It was a simple contest, really, just either blog about the contest on your own blog, or tweet about it. I did both. It seems I was the only entrant to do so (blog AND tweet), and guess what? I won!
In spite of the fact that there were some really cool blue and pink and red tallitot for women on offer, I gave my prize to Ju-Boy. The man can be pretty outrageous at times, but his taste in tallitot is really
boring sedate. It seems my man does not want to be a peacock in shul.
The prize arrived just in time for Chanuka. I’ve wanted to get a picture of him wearing the tallit for a while, but he’s made this his Shabbat tallit, and the camera doesn’t come out on Shabbat in the Miriyummy household. This past Saturday night he took it out to give it to Optimus Prime, who’s going to be adding the tekhelet, so I got my supermodel husband to don the tallit for everyone to see.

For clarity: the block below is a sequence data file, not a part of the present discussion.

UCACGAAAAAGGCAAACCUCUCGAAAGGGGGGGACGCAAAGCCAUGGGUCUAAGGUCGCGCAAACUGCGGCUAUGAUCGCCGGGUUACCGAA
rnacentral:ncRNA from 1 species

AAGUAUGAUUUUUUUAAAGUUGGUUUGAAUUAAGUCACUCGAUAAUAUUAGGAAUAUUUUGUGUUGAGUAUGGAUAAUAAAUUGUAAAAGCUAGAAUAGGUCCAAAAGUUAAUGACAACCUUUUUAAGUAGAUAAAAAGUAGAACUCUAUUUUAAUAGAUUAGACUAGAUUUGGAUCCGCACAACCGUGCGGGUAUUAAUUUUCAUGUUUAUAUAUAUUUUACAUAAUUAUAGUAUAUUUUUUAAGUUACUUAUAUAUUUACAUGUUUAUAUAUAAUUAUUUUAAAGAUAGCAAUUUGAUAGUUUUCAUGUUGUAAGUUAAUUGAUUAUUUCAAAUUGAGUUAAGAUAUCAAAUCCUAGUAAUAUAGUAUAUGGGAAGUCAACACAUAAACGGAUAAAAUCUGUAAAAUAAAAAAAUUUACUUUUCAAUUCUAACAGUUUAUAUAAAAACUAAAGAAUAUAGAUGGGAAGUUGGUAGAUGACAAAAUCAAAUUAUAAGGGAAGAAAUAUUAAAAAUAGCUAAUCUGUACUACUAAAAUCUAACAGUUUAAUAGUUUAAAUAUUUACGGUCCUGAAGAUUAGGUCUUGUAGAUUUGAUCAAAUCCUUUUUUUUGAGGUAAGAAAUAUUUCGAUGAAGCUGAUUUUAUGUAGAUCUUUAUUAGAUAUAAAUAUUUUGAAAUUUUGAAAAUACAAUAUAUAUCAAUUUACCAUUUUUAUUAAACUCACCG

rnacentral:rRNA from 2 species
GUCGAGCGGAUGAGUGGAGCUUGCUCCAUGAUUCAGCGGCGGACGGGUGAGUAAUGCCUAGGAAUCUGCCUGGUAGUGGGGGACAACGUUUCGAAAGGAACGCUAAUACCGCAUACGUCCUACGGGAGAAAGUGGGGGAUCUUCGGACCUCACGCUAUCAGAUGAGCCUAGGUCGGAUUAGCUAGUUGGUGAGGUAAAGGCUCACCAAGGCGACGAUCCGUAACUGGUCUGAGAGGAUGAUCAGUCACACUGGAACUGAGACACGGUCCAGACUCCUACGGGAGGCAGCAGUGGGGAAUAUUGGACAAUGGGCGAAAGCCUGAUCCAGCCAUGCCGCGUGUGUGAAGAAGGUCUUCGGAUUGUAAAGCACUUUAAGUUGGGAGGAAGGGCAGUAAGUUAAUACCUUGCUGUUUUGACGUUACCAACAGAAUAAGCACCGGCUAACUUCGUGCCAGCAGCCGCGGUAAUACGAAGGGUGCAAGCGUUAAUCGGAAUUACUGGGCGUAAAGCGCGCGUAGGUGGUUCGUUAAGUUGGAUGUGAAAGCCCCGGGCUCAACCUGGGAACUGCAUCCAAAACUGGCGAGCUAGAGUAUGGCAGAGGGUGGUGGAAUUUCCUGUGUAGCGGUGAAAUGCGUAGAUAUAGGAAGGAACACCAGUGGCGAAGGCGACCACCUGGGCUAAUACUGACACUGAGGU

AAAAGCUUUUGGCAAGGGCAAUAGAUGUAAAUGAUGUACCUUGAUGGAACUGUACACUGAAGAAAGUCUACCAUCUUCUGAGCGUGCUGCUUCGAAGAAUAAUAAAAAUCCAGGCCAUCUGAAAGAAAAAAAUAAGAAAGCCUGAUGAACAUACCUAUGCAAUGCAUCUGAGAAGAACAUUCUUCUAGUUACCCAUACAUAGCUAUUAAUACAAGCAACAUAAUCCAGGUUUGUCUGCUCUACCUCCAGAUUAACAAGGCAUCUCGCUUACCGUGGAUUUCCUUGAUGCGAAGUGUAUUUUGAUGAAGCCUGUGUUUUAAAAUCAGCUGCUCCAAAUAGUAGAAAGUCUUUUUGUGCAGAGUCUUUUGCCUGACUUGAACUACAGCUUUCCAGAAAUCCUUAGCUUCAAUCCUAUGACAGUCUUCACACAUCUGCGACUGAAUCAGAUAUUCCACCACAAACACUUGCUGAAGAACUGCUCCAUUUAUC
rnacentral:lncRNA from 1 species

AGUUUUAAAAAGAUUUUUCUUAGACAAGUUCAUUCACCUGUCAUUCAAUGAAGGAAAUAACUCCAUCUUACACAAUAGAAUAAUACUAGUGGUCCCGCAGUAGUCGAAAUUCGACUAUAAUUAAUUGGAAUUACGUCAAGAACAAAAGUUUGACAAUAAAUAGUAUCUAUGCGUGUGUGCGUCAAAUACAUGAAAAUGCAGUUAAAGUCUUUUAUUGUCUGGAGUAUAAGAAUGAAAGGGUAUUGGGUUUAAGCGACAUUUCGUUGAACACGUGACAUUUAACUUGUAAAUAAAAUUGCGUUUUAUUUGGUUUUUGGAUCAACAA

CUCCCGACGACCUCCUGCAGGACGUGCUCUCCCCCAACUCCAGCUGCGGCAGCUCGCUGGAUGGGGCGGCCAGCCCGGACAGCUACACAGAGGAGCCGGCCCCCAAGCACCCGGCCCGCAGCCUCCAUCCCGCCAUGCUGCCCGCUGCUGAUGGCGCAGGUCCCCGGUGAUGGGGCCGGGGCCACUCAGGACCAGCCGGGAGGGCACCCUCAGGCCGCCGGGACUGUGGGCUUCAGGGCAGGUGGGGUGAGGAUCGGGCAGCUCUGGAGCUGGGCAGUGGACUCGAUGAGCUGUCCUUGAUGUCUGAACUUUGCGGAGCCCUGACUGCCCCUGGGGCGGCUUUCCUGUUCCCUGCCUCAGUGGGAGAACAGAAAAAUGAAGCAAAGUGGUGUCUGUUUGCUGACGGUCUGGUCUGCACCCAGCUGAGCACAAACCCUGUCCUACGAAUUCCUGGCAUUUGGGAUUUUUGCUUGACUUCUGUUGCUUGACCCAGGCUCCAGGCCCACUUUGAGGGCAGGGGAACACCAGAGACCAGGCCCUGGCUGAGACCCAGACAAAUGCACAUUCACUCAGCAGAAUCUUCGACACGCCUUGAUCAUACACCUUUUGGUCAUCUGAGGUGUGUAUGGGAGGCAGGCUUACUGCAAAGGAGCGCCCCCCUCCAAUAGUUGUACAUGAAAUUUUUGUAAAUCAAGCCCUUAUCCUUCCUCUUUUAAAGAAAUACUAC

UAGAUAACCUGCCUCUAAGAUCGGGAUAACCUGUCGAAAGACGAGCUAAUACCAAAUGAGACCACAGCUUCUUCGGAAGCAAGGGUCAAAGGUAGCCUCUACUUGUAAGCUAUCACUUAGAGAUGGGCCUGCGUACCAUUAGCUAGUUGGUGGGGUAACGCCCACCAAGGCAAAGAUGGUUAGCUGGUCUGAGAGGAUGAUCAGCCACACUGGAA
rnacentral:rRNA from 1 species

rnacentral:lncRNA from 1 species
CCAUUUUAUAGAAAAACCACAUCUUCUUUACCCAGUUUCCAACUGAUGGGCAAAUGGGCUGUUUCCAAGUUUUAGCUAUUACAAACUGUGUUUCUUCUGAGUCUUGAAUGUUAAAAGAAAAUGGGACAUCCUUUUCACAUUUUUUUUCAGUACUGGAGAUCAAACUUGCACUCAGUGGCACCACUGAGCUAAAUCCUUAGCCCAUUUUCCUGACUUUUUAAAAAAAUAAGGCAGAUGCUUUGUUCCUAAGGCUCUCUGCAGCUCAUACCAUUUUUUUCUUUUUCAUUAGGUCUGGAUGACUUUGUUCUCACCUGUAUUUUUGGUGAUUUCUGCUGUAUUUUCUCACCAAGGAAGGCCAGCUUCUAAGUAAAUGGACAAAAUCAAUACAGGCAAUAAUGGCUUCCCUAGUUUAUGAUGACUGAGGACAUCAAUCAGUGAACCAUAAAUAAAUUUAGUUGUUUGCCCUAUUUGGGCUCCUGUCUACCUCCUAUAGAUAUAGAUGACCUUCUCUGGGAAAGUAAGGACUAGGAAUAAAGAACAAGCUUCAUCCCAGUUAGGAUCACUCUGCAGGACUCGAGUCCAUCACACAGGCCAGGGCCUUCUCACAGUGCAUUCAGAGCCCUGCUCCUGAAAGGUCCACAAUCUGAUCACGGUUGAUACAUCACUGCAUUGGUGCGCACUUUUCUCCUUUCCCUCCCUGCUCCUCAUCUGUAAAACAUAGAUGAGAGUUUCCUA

Galilee Silks has some seriously gorgeous tallitot and other prayer accessories for sale. They seem to cater to the international market (prices are quoted in dollars), but it’s worth stopping by just to look and admire their work.
Last Friday one of my favorite JBloggers, RivkA, of Coffee and Chemo (how can you not love a blog with that kind of outlook just in the name?), finally gave in to the cancer that sparked her blogging life. I say finally gave in, because that was something RivkA didn’t do, she never gave in to it. Even at the very end, it’s not Cancer 1, RivkA 0, because RivkA bat Yishaya left behind a legacy, a message to choose life and to cope with adversity.
I never met RivkA, but I feel like I knew her, through her words, her gestures, her attitude. And based on what her F2F friends have been writing, I wish I had known her in real life as well.
If you go to Coffee and Chemo now, the site is all about life after RivkA. Those of us who read her regularly know that that’s not what she was about. If you are just learning about RivkA now, read one of her favorite posts, Choose Life. That’s how I will always remember her.
RivkA died on Friday at 11:10 AM, and on Friday night the heavens opened up and it rained and rained, gishmei bracha, the blessed rains. I was feeling down due to the news, but when it rained, I smiled. Rain always makes me smile, as it does so many of us here in Israel, and it was as if RivkA blessed us with the joy she always felt in life. A small legacy that can mean so much.